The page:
The County Commissioners heard chilling stories and statistics last night from people who want no reduction in spending for Carroll's citizen service programs.
The $4.4 million request seemed modest in comparison to the need explained last night. The 17 agencies covered in the citizen services portion of county budget hearings are seeking 2.4 percent of a proposed $181 million operating budget for the fiscal year beginning July 1.
Agency directors told the commissioners that:
Domestic violence cases now number 500 and have increased 25 percent in the past two years.
Carroll is second only to Baltimore City in the number of adolescent heroin users.
The number of suicide interventions by counselors from the Youth Services Bureau was greater in the first six months of this year than the 28 interventions in the preceding year.
An average of 35 to 40 people a month report incidents of domestic sexual abuse and the number of clients being treated by the county's family and children's services unit has a 15 percent increase in clients.
"When we do our job right, we see an increase in cases" of people needing help, said Sandra Rappeport, supervisor of the county's domestic violence program. "Unfortunately, our numbers are going up."
Rappeport told the commissioners of two incidents her agency dealt with earlier yesterday. The first involved treatment of a preschool child who watched her mother "beaten repeatedly to the point of being clinically dead" before she was revived, Rappeport said.
The second involved a woman who was terrorized by a companion who told her about various tortures that could happen to her by "accident," Rappeport said.
Rappeport is seeking $650 more than was recommended to give three counselors a slight raise.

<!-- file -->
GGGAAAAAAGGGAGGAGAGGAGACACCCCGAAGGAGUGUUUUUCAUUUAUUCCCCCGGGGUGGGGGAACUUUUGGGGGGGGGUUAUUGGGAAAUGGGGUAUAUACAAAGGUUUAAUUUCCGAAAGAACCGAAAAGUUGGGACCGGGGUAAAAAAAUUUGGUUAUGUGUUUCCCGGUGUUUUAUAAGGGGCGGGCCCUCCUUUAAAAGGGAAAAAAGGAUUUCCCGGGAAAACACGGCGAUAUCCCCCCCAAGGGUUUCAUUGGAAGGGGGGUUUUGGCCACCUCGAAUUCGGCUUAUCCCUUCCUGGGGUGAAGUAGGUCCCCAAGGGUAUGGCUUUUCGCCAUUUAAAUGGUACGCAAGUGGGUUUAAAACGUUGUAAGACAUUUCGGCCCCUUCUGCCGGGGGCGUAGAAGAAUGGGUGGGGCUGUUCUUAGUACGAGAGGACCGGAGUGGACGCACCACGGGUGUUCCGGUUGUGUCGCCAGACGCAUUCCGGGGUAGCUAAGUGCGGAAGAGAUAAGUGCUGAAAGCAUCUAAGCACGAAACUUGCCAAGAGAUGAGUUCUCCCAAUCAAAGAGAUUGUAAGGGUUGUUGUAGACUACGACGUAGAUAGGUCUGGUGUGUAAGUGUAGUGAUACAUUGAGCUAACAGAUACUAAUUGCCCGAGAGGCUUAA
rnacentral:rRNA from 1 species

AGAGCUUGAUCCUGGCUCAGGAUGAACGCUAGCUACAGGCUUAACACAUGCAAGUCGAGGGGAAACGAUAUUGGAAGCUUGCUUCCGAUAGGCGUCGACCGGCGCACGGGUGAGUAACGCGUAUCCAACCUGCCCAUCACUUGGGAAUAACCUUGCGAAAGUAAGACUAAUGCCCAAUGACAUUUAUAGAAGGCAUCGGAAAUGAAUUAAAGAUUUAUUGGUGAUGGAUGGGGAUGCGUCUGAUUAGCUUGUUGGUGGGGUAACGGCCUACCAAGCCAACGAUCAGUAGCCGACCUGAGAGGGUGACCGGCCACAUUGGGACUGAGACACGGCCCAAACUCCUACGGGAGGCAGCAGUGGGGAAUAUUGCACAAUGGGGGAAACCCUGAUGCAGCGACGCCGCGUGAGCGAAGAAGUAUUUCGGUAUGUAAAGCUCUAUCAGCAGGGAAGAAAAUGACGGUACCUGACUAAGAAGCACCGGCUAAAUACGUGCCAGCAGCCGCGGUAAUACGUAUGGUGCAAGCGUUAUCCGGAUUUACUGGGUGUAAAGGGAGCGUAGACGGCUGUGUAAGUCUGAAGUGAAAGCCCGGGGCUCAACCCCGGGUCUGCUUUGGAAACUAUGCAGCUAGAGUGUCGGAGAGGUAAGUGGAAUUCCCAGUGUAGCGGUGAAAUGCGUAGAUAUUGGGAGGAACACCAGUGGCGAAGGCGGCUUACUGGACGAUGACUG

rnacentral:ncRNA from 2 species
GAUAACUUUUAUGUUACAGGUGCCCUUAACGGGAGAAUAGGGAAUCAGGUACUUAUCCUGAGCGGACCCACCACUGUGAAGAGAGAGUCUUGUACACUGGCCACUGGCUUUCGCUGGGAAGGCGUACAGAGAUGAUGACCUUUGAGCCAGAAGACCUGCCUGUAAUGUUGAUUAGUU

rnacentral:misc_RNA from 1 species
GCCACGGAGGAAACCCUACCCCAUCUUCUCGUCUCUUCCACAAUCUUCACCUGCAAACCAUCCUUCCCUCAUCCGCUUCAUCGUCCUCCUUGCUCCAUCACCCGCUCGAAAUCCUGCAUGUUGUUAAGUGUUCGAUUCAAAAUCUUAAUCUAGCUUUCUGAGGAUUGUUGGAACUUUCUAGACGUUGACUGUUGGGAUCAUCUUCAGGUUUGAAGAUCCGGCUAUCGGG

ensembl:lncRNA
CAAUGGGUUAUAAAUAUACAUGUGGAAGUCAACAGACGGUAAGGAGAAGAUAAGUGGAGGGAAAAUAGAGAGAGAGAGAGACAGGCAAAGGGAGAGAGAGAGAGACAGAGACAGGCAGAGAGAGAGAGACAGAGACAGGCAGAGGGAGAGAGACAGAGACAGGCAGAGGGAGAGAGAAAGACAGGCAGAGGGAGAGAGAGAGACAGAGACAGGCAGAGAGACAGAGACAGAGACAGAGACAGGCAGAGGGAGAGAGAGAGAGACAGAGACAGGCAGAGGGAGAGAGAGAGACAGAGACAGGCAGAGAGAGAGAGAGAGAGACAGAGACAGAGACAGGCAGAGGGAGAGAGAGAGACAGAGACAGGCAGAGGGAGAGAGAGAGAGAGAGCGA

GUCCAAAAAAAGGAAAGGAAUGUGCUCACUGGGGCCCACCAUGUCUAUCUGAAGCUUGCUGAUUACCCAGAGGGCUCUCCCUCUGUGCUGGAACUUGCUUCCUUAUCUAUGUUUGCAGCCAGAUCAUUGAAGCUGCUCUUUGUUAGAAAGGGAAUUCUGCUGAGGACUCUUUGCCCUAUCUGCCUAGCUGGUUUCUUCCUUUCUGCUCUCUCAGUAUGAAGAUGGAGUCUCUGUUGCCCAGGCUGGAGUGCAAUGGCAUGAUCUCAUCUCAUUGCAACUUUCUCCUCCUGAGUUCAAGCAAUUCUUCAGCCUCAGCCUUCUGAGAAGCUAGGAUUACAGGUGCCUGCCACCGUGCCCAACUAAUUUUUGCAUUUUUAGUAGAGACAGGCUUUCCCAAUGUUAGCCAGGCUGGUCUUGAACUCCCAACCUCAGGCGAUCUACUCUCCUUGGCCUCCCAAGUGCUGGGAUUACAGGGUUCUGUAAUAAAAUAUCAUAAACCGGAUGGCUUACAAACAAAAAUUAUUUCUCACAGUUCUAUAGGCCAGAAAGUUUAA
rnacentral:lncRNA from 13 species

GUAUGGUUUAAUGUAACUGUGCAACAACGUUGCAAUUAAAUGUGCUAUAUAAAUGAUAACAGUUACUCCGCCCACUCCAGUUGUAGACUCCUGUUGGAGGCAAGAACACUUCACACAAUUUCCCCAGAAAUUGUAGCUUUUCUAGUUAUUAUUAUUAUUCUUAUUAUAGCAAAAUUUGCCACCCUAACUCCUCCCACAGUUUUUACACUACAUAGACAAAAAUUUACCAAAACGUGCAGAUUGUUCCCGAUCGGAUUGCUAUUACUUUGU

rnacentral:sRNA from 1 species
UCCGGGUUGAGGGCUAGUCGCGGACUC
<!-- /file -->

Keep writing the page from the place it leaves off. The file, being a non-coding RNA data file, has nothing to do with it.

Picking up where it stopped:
"We care for the people who are most victimized," she told the commissioners. Jolene G. Sullivan, director of the county Department of Citizen Services, told the commissioners, "We are very fortunate in Carroll to have human service agencies that give their all."
That energy is essential because "the community is in crisis," said Olivia Myers, executive director of Junction Inc., a Westminster-based drug abuse treatment and prevention center.
"I've been here 25 years, but I've never seen anything like this," said Myers, referring to heroin use among teens.
"Young kids are puttting themselves in incredible amounts of danger. They could die not only from overdose but from the situations" in which they put themselves when buying heroin, she said.
"We need to do something quickly," said Myers, who is seeking $42,000 above the recommended budget to pay for a family therapist. Social Services director George Giese echoed that sentiment when urging the commissioners to spend generously on every citizen service agency.
"These are children's lives at stake," he said. "If we can afford a new office building, we ought to be able to afford these programs." Giese was referring to a recent multimillion dollar addition to the county offices in Westminster.
Pub Date: 3/26/98